To help understand how a company can reduce the risks of internally perpetrated fraud by employees, we have grouped fraud reduction strategies into five main areas:
- Policy & Process
- Management & Accountability
- Actions a company’s leadership can take to mitigate fraud
While everyone in a company should adhere to policies and be accountable for their actions, the CEO should make it clear that he or she is leading by example and ensuring everyone understands the negative impacts of employee frauds.
Ideally, a good CEO should possess the following qualifies to mitigate fraud:
- Foster a culture that promotes trust and honesty
- A willingness to speak up when wrongdoing is identified
- Remain aware of the challenges throughout
- Make sure a clear set of policy exists for the company (or even every department)
- Lead by example
- Educating staff on company fraud and how to spot it
When Cressey created the Fraud Triangle (as mentioned above), it was during a time when technology did not quite permeate as it is today. Now, sophisticated technology pervades almost all aspects of our working lives – and it is this technology that often provides the means for fraudsters to perpetrate fraud.
Let us be clear – we are not saying that good old procedures should be cast aside; they remain relevant. What we are saying is to update your fraud training to include how technology can assist in a criminal activity. Make sure that your employees receive a good understanding as to how fraud can be committed. For examples, leaving the door of your warehouse unlocked at night and leaving a computer unlocked when the person is away from the desk are equally unacceptable.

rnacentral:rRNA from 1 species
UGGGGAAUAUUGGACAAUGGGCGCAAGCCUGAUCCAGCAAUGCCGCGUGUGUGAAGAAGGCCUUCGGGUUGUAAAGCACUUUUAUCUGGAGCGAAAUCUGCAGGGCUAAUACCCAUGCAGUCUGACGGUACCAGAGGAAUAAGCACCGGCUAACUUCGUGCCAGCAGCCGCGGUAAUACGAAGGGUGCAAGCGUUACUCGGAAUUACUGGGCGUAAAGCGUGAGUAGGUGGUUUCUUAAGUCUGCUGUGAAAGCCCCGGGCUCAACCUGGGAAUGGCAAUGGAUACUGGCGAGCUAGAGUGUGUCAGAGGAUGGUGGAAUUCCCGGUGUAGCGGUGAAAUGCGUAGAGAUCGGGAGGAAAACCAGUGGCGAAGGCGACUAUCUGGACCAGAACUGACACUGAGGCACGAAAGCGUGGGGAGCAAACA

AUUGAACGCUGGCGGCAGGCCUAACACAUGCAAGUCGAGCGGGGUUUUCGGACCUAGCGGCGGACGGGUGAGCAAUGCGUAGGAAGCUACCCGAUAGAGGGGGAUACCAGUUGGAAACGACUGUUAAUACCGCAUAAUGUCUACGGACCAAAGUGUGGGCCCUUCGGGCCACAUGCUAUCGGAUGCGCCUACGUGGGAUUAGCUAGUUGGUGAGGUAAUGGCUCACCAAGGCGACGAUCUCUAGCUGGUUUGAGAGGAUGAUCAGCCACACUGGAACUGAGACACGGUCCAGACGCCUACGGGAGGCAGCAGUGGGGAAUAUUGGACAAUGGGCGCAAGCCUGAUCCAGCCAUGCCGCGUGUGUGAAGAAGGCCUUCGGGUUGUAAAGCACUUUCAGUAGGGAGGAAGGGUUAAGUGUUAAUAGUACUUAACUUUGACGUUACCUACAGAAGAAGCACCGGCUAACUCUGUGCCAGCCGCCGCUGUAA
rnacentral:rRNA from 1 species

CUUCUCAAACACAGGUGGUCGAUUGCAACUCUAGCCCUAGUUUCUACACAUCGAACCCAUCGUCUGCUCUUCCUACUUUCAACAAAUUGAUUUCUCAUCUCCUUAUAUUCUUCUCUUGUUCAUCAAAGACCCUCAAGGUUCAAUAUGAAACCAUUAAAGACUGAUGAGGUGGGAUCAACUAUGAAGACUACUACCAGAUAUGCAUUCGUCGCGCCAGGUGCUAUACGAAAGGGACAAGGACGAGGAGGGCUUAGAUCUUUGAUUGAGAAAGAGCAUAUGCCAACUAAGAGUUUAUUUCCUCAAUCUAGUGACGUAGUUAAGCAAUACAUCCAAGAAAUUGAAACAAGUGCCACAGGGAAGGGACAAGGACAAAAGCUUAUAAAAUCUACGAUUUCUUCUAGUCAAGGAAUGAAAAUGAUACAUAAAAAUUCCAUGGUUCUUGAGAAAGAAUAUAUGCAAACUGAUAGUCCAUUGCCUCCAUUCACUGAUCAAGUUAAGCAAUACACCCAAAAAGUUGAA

Depending on the expertise level of the employee and the sophistication of the role they perform, fraud prevention training can be tailored accordingly, and this is something that our team at H & H Associates can assist too.
- Developing policies and processes that keep one step ahead of the growing sophistication in employee fraud methods
All too often, company policies can be seen on a dusty shelf while practices are taken for granted, leading to employee fraud. Beware that watertight policies or operating practices can become obsolete once they fail to take account of the rapid changes occurring in today’s business world. As a business leader, you must ensure that your management has a proactive campaign that measures the performance of a practice or policy against the environment within which the policy is enacted.
In other words, all policies and practices should be regularly reviewed considering the growing sophistication of fraud.
- Implementing and maintaining controls that are effective in combatting employee fraud